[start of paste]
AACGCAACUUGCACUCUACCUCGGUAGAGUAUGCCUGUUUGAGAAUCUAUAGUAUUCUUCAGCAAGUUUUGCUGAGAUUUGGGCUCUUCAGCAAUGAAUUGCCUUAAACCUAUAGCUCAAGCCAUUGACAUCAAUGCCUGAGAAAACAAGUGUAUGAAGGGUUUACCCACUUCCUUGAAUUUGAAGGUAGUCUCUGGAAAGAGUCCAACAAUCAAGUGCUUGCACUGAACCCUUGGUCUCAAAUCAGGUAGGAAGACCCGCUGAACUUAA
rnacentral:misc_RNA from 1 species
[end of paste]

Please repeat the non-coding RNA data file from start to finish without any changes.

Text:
AACGCAACUUGCACUCUACCUCGGUAGAGUAUGCCUGUUUGAGAAUCUAUAGUAUUCUUCAGCAAGUUUUGCUGAGAUUUGGGCUCUUCAGCAAUGAAUUGCCUUAAACCUAUAGCUCAAGCCAUUGACAUCAAUGCCUGAGAAAACAAGUGUAUGAAGGGUUUACCCACUUCCUUGAAUUUGAAGGUAGUCUCUGGAAAGAGUCCAACAAUCAAGUGCUUGCACUGAACCCUUGGUCUCAAAUCAGGUAGGAAGACCCGCUGAACUUAA
rnacentral:misc_RNA from 1 species